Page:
Definition of Man
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ADVANCED PRAISE for Definition of Man:
“That was authentic, refreshing, and internally SUPER uncomfortable—I loved it. Someone wise once told me that I shouldn’t bother with art that doesn’t transform your life in some way. Thanks for being a part of the transformation.”
“Nikki Muller and Jason Rosario put on a beautiful display of theater. Their production Definition of Man was genuine, transparent and raw. A rollercoaster of emotion. These two are beyond talented and I wish I had the words to truly express how hard their piece struck me. In one hour I was able to look inward and really evaluate myself as a person in a way that I thought didn’t exist beyond my mind.”
“I’m still looking for the words. It was intense. It was dramatic. It was intimate and vulnerable but none of those words come close to describing what you created. I need new words. There is a secret self that we never talk about, not even to ourselves. It cannot die but it’s afraid to live. Afraid of it’s power, afraid of how we could destroy those we love. Afraid that the very speaking of it will destroy the little joy we have manage to construct out of the safe world we have decided to expose to others. You have managed to touch that spirit. We communicate with words and bodies but rarely do we communicate our immortal indomitable soul.”
A sexier, more violent Waiting for Godot, “Definition of Man” is a post-modern decreation myth that, drawing from Kenneth Burke’s essay of the same name, investigates the human drive to communicate and the inevitable breakdown that results from the inherent incompleteness of language. This one-act organically grew through a workshop that synthesized personal narratives with academic texts to explore issues of identity, race, gender performance and communicative breakdown.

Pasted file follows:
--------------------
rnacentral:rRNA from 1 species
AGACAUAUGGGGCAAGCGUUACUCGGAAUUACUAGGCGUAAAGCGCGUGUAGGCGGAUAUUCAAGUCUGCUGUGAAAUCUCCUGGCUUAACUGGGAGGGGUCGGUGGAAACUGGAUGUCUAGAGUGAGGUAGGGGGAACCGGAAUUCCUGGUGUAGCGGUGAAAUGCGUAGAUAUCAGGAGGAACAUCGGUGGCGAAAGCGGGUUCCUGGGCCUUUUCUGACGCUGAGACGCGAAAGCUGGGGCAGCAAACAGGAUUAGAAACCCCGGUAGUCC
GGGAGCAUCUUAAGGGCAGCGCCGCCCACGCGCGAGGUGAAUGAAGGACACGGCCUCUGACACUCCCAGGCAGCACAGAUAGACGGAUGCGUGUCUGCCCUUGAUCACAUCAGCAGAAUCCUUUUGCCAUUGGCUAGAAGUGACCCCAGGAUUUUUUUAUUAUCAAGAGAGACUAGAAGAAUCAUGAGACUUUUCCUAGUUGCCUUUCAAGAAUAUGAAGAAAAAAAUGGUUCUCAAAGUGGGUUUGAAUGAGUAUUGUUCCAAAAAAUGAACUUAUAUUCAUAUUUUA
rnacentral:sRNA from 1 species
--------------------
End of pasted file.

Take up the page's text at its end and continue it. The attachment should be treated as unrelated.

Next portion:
(“Definition of Man” advanced Muller to one of 24 semi-finalists out of 374 submissions in The Playwrights Realm’s 2016-2017 Writing Fellows Program). In the abstracted setting of a burnt-out, post-apocalyptic ruin, the cast of two serves as a stand-in for all of humanity while grappling with their own personal struggles to maintain a sense of self in a world that has ceased to exist. In a tightly-paced narrative progression, they move and shift between verbal and physical intimacy, exploring how these intersect and overlap from start to finish. Both abstract and specific, the piece shifts between poetic-expressive language and colloquial speech, and offers a unique opportunity to see texts often preserved in intellectual amber torn from their pages and infused with physicality and meaning, marrying traditional intellectualism with organic.
The play shifts from high-level intellectual discourse to abstracted speech to casual conversation, demonstrating the full range of possibilities and impossibilities we encounter as “the symbol-using animal.” Over the course of the play, language is slowly stripped away from the two, and all they are left with is the quiet, potent language of the body to speak through.
Most importantly, the piece seeks to touch the timeless by speaking “from somewhere.” In the tradition of postcolonial epistemologies, we recognize that we cannot speak for everyone but only ourselves, and that by representing where we speak from, we allow the audience a window into our lived experiences, differences and similarities. XX and XY struggle over their disparities, but ultimately discover that they are moving towards the same goal. In this age of intolerance and tension, this piece holds a message of hope and healing at its core. The co-creators’ exploration of their shifting identities as a Hispanic American and daughter of an East German refugee respectively resonate especially in the current national and international climate. It is our hope that the audience, finding an avenue into the play through either of these characters, will be able to turn a critical eye toward their own lives and question their own assumptions about how they communicate and make sense of the world.
A new play that explores addiction, familial resentments, and sibling rivalry. http://www.hollywoodfringe.org/project/4350
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